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Macy's said yesterday that it plans to close 125 stores over the next three years, roughly 20 percent of its fleet. Macy's also will eliminate some 2,000 corporate jobs, and close a technology office in San Francisco and a headquarters office in Cincinnati - moves that it hopes will generate annual savings in the neighborhood of $1.5 billion, which it wants to plow back into the business.

The CNBC story says that "the department store chain said it plans to exit weaker shopping malls, and instead will shift its focus toward opening smaller-format stores in strip centers … with a focus on growing its off-price business, known as Backstage, expanding outside of the mall and improving online."

Macy’s has closed more than 100 stores over the past five years. Some of the closings announced yesterday already had been made public, such as the downtown Seattle store, which, ironically, is in a building that has been gradually taken over by Amazon.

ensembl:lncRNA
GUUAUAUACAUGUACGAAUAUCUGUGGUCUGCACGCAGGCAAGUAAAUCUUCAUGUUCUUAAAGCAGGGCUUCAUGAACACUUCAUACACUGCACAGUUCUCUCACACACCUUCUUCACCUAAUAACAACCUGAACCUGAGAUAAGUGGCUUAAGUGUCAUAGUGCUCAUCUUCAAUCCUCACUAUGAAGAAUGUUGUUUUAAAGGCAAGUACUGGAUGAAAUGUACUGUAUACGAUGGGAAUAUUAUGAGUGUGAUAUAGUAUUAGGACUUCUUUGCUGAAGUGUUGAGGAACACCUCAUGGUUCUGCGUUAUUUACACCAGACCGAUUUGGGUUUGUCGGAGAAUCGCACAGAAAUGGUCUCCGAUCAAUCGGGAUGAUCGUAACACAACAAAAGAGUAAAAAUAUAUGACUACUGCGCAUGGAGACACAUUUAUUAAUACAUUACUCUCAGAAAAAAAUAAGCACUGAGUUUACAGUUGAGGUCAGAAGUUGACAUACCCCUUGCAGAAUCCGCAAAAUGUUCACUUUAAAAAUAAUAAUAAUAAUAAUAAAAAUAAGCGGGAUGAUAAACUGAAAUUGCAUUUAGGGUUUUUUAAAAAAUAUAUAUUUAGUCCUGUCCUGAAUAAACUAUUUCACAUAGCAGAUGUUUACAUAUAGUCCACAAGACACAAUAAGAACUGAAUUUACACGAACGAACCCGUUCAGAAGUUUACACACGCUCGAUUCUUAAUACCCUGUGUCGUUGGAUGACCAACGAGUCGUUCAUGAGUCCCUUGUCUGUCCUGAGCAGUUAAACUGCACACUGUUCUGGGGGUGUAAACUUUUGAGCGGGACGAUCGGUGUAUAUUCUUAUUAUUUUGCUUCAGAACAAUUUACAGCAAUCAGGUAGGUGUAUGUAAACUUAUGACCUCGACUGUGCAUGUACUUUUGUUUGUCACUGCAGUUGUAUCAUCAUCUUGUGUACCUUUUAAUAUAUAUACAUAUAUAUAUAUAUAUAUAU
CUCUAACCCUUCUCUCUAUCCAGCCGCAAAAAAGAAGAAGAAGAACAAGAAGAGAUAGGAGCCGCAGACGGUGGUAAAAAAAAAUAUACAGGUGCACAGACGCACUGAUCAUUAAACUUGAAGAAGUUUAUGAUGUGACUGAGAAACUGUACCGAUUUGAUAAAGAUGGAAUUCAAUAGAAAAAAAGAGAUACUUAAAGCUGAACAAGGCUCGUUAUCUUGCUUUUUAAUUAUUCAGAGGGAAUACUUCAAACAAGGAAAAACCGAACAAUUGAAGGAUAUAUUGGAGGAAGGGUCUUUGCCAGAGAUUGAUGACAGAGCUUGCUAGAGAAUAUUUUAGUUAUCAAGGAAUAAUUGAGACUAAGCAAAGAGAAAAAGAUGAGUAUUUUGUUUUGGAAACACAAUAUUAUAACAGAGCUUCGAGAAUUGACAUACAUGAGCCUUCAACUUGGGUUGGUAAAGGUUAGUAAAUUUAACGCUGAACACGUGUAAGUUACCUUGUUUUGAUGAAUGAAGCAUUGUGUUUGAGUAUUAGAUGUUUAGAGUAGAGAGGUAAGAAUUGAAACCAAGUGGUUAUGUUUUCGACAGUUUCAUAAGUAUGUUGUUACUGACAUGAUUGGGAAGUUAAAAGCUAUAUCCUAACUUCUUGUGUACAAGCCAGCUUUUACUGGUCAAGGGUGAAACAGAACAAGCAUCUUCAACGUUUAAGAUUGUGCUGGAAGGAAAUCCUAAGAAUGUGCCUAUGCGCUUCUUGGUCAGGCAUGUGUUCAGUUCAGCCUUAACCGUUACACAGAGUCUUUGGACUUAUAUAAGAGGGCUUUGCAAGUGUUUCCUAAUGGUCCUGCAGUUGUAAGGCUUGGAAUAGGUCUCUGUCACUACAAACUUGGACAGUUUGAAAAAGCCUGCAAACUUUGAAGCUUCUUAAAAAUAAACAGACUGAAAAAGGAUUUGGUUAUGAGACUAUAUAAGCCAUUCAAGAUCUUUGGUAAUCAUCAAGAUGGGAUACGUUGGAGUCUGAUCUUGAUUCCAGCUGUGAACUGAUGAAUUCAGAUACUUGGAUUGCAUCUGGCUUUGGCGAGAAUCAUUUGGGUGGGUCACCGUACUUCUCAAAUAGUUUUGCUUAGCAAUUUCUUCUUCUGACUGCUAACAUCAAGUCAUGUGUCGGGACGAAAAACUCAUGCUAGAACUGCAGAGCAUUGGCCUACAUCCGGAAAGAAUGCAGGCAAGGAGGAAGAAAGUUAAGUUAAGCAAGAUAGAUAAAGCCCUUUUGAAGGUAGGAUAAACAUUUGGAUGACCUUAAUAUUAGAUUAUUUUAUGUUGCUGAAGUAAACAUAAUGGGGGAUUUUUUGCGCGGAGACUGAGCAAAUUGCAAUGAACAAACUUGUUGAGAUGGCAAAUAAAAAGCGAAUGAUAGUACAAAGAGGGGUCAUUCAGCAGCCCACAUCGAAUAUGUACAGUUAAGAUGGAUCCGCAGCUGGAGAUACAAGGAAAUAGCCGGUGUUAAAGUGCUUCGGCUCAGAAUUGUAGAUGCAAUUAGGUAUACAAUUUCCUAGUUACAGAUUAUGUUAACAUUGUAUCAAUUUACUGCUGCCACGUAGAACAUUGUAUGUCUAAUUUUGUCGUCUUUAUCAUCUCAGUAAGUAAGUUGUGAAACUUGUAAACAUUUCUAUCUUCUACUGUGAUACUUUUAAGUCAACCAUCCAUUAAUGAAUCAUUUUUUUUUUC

KC's View:
Cutting one's way to prosperity often has been tried, but doesn't usually succeed. So I'm not persuaded by this announcement.

In the end, Macy's future will be decided by whether consumers are persuaded. As a shopper, I'm not wild about its stores … there seems to be a lot of vanilla, and not much in the way of a driving narrative that defines the brand and compels the shopping experience. Now, it may just be that I'm not Macy's target shopper. (I'd bet on that, in fact.) But when I look around a Macy's, I wonder who is.